May 28, 2007: Jimmy Carter Can’t See Himself As Others See Him


I had planned to ignore Jimmy Carter’s latest blather about the Bush administration being the worst in history. For one thing, President Peanut is Exhibit A when it comes to bad presidential administrations, and he doesn’t need my help in reminding you of that.

Instead, it had been my intention to ask my dear friend, Sen. Johnny Isakson, what in God’s name was he thinking when he agreed to pose for a picture with Ted Kennedy recently? Except to those few mindless liberal weenies who think Kennedy is some kind of hero, there is nothing to be gained from even being in the same room with this guy — assuming someone else can fit in the same room with him.

(Before you Kennedy apologists respond in righteous indignation, please furnish me the names of all married U.S. senators who: [a] have driven their girlfriends into the water while drunker than a skunk, [b] let them drown and then [c] lied about the whole thing until finding out that their rich daddy couldn’t bail them out of their mess. For bonus points, please add all the senators kicked out of college for cheating. I promise to publish the entire list of names in a future column. Thank you.)

However, the Woman Who Shares My Name said don’t even think about fussing at Johnny Isakson. She loves him better than a goat loves grass. She said if I think I have been fed a lot of broccoli in the past, just criticize Sen. Isakson and I will be having the stuff for breakfast and my bedtime snack until hell freezes over or until France adopts a work ethic, whichever comes first. (My money is on hell.)

As for President Peanut, I am beginning to pity the man. How frustrated he must be that we all don’t see him in the warped way he sees himself. What we see is a bitter man with a failed presidency trying desperately to rewrite his legacy; what he sees is a wise elder statesman with eagerly sought-after opinions on everything from our loyal ally, Israel (bad) to North Korea, a repressive dictatorship (not so bad).

The man has no shame. He writes a book accusing Israel, the only democracy in the Middle East, of apartheid and then refuses to publicly debate scholars who disagree with him. He also sees no irony in his pious pontifications at the funeral of Coretta Scott King after having refused to attend the funeral of her husband, Martin Luther King Jr., in 1968 because he was busy preparing to run a racist campaign for governor.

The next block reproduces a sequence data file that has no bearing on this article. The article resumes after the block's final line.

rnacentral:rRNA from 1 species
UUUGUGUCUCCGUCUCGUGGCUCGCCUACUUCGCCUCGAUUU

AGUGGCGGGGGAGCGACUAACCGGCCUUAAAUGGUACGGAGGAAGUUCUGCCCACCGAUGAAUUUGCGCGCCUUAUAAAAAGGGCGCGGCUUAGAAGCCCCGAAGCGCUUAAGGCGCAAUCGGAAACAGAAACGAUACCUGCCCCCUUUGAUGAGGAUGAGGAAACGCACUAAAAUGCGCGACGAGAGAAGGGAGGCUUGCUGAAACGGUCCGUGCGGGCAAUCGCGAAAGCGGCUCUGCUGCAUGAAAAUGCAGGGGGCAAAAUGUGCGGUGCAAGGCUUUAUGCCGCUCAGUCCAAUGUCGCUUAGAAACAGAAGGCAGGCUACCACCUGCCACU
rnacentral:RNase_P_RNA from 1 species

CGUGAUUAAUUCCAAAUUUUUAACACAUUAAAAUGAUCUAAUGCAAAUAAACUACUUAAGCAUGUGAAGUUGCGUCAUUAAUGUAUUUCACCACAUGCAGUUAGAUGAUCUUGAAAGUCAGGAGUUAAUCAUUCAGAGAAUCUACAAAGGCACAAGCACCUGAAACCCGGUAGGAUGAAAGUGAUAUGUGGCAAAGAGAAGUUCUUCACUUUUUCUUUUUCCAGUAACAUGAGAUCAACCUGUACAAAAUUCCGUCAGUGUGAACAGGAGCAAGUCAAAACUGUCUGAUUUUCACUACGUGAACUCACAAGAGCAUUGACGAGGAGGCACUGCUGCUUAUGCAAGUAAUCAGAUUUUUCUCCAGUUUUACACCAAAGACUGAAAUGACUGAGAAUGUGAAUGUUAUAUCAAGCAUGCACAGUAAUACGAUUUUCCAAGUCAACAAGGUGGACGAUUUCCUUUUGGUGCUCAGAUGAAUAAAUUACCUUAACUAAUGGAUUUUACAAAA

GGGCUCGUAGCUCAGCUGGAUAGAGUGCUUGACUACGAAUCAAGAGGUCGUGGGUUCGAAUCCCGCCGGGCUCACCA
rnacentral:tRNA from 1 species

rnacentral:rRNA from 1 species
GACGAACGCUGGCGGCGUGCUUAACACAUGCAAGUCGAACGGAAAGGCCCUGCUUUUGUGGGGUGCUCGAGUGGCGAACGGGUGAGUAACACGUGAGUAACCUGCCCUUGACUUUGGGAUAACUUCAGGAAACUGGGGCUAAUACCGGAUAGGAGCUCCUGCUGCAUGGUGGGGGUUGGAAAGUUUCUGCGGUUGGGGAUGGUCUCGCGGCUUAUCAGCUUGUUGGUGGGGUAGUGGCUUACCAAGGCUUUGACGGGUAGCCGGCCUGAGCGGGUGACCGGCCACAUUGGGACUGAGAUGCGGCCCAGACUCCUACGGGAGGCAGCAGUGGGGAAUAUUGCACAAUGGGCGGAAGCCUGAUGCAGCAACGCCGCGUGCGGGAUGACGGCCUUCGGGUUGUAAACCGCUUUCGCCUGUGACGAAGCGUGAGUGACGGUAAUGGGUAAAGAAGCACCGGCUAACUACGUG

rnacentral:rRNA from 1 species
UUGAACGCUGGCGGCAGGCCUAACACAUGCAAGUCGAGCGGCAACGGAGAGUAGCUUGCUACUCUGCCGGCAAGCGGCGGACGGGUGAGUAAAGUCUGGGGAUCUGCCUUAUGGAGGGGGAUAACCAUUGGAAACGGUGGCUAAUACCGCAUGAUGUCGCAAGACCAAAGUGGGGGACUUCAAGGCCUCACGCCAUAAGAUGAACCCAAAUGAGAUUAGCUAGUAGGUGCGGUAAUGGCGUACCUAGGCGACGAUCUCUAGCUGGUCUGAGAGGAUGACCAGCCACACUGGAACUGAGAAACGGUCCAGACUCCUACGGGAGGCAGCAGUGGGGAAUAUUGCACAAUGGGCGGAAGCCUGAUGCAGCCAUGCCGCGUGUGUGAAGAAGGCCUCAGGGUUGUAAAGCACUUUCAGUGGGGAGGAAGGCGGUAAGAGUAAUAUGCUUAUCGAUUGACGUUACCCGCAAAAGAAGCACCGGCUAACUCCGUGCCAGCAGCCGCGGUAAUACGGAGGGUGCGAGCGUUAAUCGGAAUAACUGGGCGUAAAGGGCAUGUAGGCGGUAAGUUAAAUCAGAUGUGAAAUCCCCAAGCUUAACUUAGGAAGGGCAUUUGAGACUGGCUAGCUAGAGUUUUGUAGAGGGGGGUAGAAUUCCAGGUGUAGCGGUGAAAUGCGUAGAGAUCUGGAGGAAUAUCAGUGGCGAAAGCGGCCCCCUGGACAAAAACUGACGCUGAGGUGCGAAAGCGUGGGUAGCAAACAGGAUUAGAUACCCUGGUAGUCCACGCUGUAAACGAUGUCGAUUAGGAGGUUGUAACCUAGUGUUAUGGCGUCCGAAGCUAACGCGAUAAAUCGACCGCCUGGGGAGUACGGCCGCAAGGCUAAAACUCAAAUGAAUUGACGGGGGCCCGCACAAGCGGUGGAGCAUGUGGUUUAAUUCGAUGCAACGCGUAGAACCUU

There is no need to belabor his bumbling term as president: The giveaway of the Panama Canal, his inability to deal with the nation’s rampant inflation, the Cuban boatlift and, of course, the Iranian hostage crisis, which occurred after President Peanut had helped dispose of another American ally, the Shah of Iran. His one claim to fame is the Camp David accords between Israel and Egypt. That is akin to hitting a triple and then striking out every other time at bat. A one-hit wonder.

Jimmy Carter had a chance to rehabilitate his reputation after his debacle as president. His efforts to eradicate insidious diseases in Africa and his support of Habitat for Humanity have been commendable. But that’s not enough to satisfy his oversized ego. He craves the spotlight. For that reason, he feels compelled to undercut the current administration at every opportunity. That is not only bad form for an ex-president, but it is dangerous to the rest of us because it emboldens our enemies — many of whom he helped create through his lack of leadership in the Iranian hostage crisis. Personally, I don’t think he gives a damn. This isn’t about the welfare of the United States. This is about Jimmy Carter being sure we know how smart he is.

The blowback from his latest pother should convince him to zip his lip and get back to writing bad poetry. However, I am not hopeful. It is obvious that Jimmy Carter just can’t see himself as others see him. That’s a pity.